Because of the interactive nature of the campaign, Fazari and her team were able to make adjustments to their output, including cookie recipes for specific dietary needs, like gluten-free, and altering the schedule to share more elaborate cookies on weekends and simpler recipes during the week. They also encouraged readers to send pictures of their completed cookies, creating a two-way dialogue that Fazari said users particularly loved.
Fazari says she sees certain types of SMS campaigns having a future as revenue generators, especially ones driven by marquee columnists. The feeling of a direct line to a personality or writer is very appealing at a time when receiving news and information can feel so overwhelming, she said.
For Andrew Weiler, a part-time employee at The Wahkiakum County Eagle in Washington state, SMS was an initial foray into improving the fortunes of the small-town publication, which still earns all of its revenue in print. Weiler capitalized on southwest Washington’s Bald Eagle Days, one of the biggest events of the year, featuring a parade, street vendors, live music and fireworks.
Weiler teamed up with the local Chamber of Commerce to provide text updates, via Subtext, about goings-on during Bald Eagle Days. The alerts were not directly from the newsroom, but each text, which featured information like event and emergency updates as well as discounts on retail and dining, was paid for and “powered by” The Eagle.
With promotion on Facebook and in print, 200 people signed up for the alerts in a county of approximately 4,000 people. He was able to share things like a Google Calendar with a layer of event locations and notifications of canceled events; as well as answering questions from readers.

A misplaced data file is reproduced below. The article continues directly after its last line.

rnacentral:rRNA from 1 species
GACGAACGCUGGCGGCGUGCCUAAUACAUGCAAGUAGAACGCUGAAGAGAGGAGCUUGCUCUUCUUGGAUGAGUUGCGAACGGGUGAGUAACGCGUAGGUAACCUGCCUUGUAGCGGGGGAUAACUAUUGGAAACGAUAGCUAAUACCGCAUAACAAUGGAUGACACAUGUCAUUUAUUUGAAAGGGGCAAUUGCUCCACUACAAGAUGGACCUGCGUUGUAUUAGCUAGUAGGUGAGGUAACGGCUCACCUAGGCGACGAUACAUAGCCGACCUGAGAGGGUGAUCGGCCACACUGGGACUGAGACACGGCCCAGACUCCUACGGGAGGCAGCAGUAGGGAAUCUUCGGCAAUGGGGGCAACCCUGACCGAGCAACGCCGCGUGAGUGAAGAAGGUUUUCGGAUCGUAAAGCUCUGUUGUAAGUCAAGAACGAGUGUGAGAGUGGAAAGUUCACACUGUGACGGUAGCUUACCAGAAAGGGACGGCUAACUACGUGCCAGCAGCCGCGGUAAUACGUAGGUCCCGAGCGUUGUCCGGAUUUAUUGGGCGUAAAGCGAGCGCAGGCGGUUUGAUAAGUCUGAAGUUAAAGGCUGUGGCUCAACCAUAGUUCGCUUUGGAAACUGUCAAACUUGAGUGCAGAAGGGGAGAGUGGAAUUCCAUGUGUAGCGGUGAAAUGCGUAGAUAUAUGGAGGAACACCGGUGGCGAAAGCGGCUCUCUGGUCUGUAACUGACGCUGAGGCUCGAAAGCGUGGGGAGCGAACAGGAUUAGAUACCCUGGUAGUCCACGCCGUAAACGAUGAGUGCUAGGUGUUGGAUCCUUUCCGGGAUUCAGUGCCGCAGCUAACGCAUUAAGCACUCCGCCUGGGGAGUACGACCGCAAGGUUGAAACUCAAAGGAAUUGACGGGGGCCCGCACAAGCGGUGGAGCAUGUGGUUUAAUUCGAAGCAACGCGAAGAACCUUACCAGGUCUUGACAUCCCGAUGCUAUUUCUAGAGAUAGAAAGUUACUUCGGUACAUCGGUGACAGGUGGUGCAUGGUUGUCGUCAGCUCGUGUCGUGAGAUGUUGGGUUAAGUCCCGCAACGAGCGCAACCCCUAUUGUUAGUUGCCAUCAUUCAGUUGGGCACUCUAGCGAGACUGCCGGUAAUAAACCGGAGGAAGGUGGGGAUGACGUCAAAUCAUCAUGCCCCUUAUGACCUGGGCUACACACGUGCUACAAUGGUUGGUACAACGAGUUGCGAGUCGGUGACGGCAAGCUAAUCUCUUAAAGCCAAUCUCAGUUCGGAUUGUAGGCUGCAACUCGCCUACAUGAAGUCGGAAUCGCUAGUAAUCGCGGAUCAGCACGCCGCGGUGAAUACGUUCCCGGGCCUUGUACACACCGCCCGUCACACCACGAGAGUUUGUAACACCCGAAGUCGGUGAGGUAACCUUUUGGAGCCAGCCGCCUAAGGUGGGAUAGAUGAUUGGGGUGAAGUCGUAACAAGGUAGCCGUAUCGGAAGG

Weiler says all feedback he received was positive.
“I think it’s a great tool to feel like there’s a personality that you’re subscribing to and getting information from, who you rely on and trust,” he said. “Texting is very personal”
At Newsday in Long Island, New York, social media editor Gabriella Vukelic and assistant web producer Erin Serpico also jumped into texting during the pandemic. The goal was to send daily texts that acted as a newsletter in SMS form, which they felt would allow them “to connect with our audience on a deeper and more personal level through this platform,” said Vukelic.
The first few months saw slow but steady growth, but in time, they realized that their audience was looking for key pandemic numbers and basic information. When the vaccines became available in late 2020, text usage numbers grew as readers turned to the paper for information on availability. As of March 2021, Newsday had more than 6,600 subscribers.
Vukelic said the team has heard from readers who subscribed to Newsday after participating in the text campaign. Others say they enjoy the personal nature of the campaigns, and they “now look at Newsday differently than just ‘the local paper,’” she said.
This kind of intimacy is why texting might have a future as a revenue stream.
“I definitely think SMS campaigns have a future as a revenue source for local news,” said Vukelic. “You’ll always open a text message to get rid of the notification on your phone, whereas that may not be the case if you are scrolling through a news app or social media platform. Therefore, you’ll be more likely to stop and read the text.”